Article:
Israelis and friends of Israel alike have, appropriately, come together in expressing profound shame and disgust over the firebombing of two Palestinian homes in the West Bank village of Duma late last month, which claimed the life of a toddler and his father. This came on top of a stabbing attack at Jerusalem’s Gay Pride parade that left a teenage girl dead, and five others injured.
At times such as these, it is essential to resist the impulse to go on the defensive and try to deflect or downplay the significance of the incidents. Some may be tempted to argue that, yes, it was terrible, but the Duma culprit was surely driven to this madness by attacks against Jews from the other side. Alternatively, one might insist it has nothing to do with Israeli society, it’s just a criminal madman, or a few extremists, such as exist everywhere.
Sadly, we have often heard similar wrong-headed arguments in the past from Muslim and Palestinian communities following incidents of terror by Islamists or Palestinian nationalists.
Yet to their credit, overwhelmingly, Israelis – particularly the political and religious leaderships – have avoided such dodges, instead calling for reflection and soul-searching. Crucially, there is general agreement more should have been done to prevent these attacks, and action is being taken. There have been a number of arrests of Israeli extremists suspected to be involved in this case, and plans to expand the legal tools Israeli authorities can employ against them.
It needs to be recognised that there is a differing response to terrorism in Israeli and Palestinian societies that is both undeniable and politically significant. While it would naturally be wrong to blame all Israelis or all Palestinians for the acts of fringe elements in their respective communities, it is entirely appropriate to ask whether each community is doing enough to combat dangerous extremism.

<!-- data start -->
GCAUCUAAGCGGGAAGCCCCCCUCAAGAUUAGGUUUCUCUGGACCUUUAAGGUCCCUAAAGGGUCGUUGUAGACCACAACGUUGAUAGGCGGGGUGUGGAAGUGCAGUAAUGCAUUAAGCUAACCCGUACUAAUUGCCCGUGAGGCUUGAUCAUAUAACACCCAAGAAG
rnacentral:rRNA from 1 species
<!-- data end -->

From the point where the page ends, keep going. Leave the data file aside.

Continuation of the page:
By and large, Israeli society ostracises its violent extremists. Israelis, from the government down to the public, as well as the religious establishment – openly condemn violence by extremists among them, and take responsibility for trying to stop them, even if there are sometimes questions about whether enough is being done.
Yet alarmingly, Palestinian society all too often embraces its extremists, and celebrates their terrorist acts on social media or in impromptu street gatherings. Palestinian authorities name streets and sporting events after terrorists. Palestinian imams on the payroll of the Palestinian Authority have actually repeatedly incited to violence in their sermons and lessons.
Further, the Palestinian government effectively incentivises terrorism by providing generous welfare payments to the families of Palestinians who commit acts of terror against Israelis, and lucrative jobs to terrorists after release from prison.
This permissive or even encouraging attitude towards extremism severely damages peace hopes, but it also costs Palestinian lives as well as Israeli ones. In Gaza, Hamas’ commitment to “violent resistance” against the “Zionist entity” has provoked several wars that have cost thousands of Palestinian lives. The same can be said of the Second Intifada promoted by the late Yasser Arafat.